Disney is Treating Streaming as a Loss Leader
At a media event on April 11th, 2019, investors finally got some information on the highly-anticipated Disney+ streaming service. It is going live on November 12th, will cost only $6.99 a month (nice), and will be kids and family focused. Wall Street apparently loved the announcement, with Disney shares up over 10% during intraday trading.
The beautiful thing about streaming for Disney, at least from an investors perspective, is that they can treat it as a loss leader. The entertainment conglomerate generates around a billion in free cash flow every quarter, giving them a ton of wiggle-room to focus solely on user growth with their streaming initiatives
Disney+ is Not a Netflix Competitor
With Marvel, Star Wars, Pixar, and kids content, it looks like they want Disney+ to appeal to families and kids. This is an area where Netflix lacks in content, and where Disney already has decades-worth to monetize.
Another reason Disney doesn’t want this to look like a direct competitor to Netflix (at least not yet) is they are very behind in the digital game. Netflix already has 140 million subscribers globally, giving them a huge scale advantage to the competition. Disney+, at $6.99 a month, is being priced at a huge discount for a reason, because Disney wants 90 million users by 2024. Low prices will help the service appeal to as many people as possible.
The Three Pillared Strategy
Another thing analysts may be underrating is the multiple streaming services Disney is going to offer. They basically own Hulu, and ESPN+ has been growing users steadily over the past year. With Hulu (ad-version) costing $5.99, ESPN+ costing $4.99, and Disney+ costing $6.99 a month, all of Disney’s offerings fall well below what most streaming services cost.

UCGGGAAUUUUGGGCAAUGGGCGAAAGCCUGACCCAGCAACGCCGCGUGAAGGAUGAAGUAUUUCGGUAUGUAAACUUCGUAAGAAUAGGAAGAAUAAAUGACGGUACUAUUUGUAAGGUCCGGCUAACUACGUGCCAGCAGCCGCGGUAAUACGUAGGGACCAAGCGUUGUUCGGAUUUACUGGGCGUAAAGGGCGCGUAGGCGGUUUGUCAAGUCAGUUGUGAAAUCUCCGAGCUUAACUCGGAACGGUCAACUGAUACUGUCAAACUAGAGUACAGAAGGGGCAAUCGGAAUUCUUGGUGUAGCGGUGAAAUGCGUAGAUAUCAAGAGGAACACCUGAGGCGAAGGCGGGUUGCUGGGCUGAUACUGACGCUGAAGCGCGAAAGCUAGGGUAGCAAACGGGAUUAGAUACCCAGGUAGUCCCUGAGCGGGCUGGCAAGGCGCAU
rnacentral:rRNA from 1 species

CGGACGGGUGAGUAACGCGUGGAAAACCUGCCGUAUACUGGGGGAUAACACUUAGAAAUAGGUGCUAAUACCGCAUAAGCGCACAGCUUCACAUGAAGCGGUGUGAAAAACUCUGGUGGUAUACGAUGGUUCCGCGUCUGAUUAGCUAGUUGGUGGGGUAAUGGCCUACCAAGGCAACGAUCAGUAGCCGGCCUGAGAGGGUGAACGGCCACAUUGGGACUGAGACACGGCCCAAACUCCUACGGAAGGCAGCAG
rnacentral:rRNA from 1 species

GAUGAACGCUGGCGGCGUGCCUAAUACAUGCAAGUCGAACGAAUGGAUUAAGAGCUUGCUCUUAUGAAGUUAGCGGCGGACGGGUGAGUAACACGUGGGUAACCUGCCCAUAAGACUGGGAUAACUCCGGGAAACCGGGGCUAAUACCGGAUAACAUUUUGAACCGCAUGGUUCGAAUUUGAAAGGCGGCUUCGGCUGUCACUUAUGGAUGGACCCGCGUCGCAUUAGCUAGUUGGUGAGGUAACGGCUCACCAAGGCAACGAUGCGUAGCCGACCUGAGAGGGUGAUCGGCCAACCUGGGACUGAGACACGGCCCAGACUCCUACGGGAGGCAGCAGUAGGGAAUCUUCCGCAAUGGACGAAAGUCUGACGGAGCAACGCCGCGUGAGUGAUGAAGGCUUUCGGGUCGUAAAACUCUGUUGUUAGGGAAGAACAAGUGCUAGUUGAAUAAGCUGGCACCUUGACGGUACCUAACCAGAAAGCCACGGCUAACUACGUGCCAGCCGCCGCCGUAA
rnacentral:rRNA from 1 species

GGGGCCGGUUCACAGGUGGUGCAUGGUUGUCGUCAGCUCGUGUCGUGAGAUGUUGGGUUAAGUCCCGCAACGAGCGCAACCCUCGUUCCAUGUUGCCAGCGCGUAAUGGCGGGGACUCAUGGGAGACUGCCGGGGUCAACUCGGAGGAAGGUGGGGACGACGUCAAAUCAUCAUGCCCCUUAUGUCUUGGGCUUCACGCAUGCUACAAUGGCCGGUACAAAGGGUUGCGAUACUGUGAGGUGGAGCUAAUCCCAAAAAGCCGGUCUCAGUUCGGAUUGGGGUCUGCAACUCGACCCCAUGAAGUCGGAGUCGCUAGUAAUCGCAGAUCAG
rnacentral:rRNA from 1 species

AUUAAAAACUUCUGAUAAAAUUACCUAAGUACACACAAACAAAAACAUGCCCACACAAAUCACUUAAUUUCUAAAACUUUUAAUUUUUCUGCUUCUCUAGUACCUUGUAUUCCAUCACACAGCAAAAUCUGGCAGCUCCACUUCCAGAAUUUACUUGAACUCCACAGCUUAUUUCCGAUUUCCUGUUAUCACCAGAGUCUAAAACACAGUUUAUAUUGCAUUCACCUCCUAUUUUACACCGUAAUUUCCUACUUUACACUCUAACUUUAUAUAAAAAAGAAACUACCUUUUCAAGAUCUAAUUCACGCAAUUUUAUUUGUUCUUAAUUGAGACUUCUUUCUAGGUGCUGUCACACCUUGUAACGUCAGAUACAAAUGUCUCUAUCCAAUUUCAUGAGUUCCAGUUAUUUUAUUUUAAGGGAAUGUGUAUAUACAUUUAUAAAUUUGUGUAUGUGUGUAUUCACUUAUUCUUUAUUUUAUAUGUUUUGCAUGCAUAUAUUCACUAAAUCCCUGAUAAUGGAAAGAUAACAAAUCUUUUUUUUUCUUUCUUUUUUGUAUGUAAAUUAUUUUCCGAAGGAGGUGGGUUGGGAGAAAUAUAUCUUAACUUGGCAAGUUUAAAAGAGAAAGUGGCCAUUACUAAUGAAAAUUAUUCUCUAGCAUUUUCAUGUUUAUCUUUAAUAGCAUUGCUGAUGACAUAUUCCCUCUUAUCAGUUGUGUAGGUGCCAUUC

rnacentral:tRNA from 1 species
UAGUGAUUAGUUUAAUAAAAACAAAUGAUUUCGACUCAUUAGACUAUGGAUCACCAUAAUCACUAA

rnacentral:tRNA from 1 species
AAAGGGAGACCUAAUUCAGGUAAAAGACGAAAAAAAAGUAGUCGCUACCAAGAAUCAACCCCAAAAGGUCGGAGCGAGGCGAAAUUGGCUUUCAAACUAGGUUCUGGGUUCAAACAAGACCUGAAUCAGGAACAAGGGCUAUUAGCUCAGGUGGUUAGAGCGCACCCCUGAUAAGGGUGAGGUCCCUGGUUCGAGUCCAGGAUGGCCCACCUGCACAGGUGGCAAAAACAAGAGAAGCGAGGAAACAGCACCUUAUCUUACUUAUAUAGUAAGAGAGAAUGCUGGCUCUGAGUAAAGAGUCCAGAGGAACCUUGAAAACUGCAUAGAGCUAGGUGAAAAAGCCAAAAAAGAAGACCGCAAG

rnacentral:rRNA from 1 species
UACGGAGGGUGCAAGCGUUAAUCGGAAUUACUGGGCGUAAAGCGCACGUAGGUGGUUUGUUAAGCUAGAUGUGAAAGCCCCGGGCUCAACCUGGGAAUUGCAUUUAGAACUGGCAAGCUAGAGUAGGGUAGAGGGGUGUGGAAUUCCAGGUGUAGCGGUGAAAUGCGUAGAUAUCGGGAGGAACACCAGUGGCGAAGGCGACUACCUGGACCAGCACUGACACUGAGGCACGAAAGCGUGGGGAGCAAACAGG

There’s no doubt Disney will also start offering value bundles by combining all three streaming services into one subscription. A Hulu, ESPN+, and Disney+ bundle could cost as low as $15, which is right on par with Netflix but with a wider variety of content offerings. They also could bundle Disney+ with Hulu Live TV for $50 a month, which would appeal to families who haven’t cut the cord yet.
If we want to do some quick sales estimates (because as investors that’s what really matters) let’s say by 2025 Disney has 250 million total subscribers to Hulu, ESPN+, or Disney+ (subscribers to all three would count as three). If people are paying on average $6.00 a month, that would be $18 billion in annual recurring revenue. 250 million is no doubt a large number, but with the greatest content library on earth, if anyone can reach that number, it’s Disney.
Note: The new Star Wars trailer came out today and literally broke Twitter. Disney owns them too. And you can still get shares of this stock for less than 20-times forward earnings, just putting that out there.
Disclosure: The author is not a financial adviser, and may have an interest in the companies discussed.